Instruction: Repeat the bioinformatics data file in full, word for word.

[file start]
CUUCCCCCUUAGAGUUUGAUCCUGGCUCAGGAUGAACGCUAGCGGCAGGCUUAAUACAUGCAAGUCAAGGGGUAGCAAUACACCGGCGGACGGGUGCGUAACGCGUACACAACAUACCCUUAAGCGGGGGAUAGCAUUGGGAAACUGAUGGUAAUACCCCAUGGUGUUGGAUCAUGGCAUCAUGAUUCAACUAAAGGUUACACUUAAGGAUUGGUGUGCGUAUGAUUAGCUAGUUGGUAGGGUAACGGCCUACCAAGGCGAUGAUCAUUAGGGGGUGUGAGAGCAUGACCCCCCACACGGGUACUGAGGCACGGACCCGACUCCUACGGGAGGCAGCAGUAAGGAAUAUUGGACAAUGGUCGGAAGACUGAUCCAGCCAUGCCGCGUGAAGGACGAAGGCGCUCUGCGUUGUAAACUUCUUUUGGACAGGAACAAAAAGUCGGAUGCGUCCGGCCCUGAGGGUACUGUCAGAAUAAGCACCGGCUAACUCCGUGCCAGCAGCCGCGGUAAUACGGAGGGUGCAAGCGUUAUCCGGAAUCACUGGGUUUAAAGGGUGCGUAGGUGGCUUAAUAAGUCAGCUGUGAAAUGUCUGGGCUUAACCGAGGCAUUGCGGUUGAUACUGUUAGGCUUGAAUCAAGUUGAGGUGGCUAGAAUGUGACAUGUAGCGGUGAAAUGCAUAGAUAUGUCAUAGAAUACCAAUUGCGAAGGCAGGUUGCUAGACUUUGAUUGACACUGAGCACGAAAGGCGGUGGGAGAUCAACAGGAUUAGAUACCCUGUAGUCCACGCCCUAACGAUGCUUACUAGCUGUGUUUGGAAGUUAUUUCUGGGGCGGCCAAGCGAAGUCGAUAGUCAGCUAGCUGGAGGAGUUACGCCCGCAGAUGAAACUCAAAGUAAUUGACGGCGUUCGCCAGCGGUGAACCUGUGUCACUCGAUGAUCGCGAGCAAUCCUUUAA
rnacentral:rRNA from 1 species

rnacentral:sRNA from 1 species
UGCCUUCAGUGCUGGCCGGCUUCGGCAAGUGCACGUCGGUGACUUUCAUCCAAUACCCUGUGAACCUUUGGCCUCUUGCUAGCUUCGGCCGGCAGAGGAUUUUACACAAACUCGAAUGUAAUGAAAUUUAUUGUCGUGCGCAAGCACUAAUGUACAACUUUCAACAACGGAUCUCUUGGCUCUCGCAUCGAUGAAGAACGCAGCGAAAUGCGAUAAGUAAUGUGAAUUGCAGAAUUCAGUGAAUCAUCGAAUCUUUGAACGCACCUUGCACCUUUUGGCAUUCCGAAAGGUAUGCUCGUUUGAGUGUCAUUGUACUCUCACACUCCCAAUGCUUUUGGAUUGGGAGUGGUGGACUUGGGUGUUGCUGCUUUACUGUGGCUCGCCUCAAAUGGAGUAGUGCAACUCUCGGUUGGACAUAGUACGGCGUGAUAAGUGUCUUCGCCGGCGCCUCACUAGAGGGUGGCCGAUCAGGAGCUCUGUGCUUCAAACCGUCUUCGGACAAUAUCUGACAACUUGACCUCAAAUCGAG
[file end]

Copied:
CUUCCCCCUUAGAGUUUGAUCCUGGCUCAGGAUGAACGCUAGCGGCAGGCUUAAUACAUGCAAGUCAAGGGGUAGCAAUACACCGGCGGACGGGUGCGUAACGCGUACACAACAUACCCUUAAGCGGGGGAUAGCAUUGGGAAACUGAUGGUAAUACCCCAUGGUGUUGGAUCAUGGCAUCAUGAUUCAACUAAAGGUUACACUUAAGGAUUGGUGUGCGUAUGAUUAGCUAGUUGGUAGGGUAACGGCCUACCAAGGCGAUGAUCAUUAGGGGGUGUGAGAGCAUGACCCCCCACACGGGUACUGAGGCACGGACCCGACUCCUACGGGAGGCAGCAGUAAGGAAUAUUGGACAAUGGUCGGAAGACUGAUCCAGCCAUGCCGCGUGAAGGACGAAGGCGCUCUGCGUUGUAAACUUCUUUUGGACAGGAACAAAAAGUCGGAUGCGUCCGGCCCUGAGGGUACUGUCAGAAUAAGCACCGGCUAACUCCGUGCCAGCAGCCGCGGUAAUACGGAGGGUGCAAGCGUUAUCCGGAAUCACUGGGUUUAAAGGGUGCGUAGGUGGCUUAAUAAGUCAGCUGUGAAAUGUCUGGGCUUAACCGAGGCAUUGCGGUUGAUACUGUUAGGCUUGAAUCAAGUUGAGGUGGCUAGAAUGUGACAUGUAGCGGUGAAAUGCAUAGAUAUGUCAUAGAAUACCAAUUGCGAAGGCAGGUUGCUAGACUUUGAUUGACACUGAGCACGAAAGGCGGUGGGAGAUCAACAGGAUUAGAUACCCUGUAGUCCACGCCCUAACGAUGCUUACUAGCUGUGUUUGGAAGUUAUUUCUGGGGCGGCCAAGCGAAGUCGAUAGUCAGCUAGCUGGAGGAGUUACGCCCGCAGAUGAAACUCAAAGUAAUUGACGGCGUUCGCCAGCGGUGAACCUGUGUCACUCGAUGAUCGCGAGCAAUCCUUUAA
rnacentral:rRNA from 1 species

rnacentral:sRNA from 1 species
UGCCUUCAGUGCUGGCCGGCUUCGGCAAGUGCACGUCGGUGACUUUCAUCCAAUACCCUGUGAACCUUUGGCCUCUUGCUAGCUUCGGCCGGCAGAGGAUUUUACACAAACUCGAAUGUAAUGAAAUUUAUUGUCGUGCGCAAGCACUAAUGUACAACUUUCAACAACGGAUCUCUUGGCUCUCGCAUCGAUGAAGAACGCAGCGAAAUGCGAUAAGUAAUGUGAAUUGCAGAAUUCAGUGAAUCAUCGAAUCUUUGAACGCACCUUGCACCUUUUGGCAUUCCGAAAGGUAUGCUCGUUUGAGUGUCAUUGUACUCUCACACUCCCAAUGCUUUUGGAUUGGGAGUGGUGGACUUGGGUGUUGCUGCUUUACUGUGGCUCGCCUCAAAUGGAGUAGUGCAACUCUCGGUUGGACAUAGUACGGCGUGAUAAGUGUCUUCGCCGGCGCCUCACUAGAGGGUGGCCGAUCAGGAGCUCUGUGCUUCAAACCGUCUUCGGACAAUAUCUGACAACUUGACCUCAAAUCGAG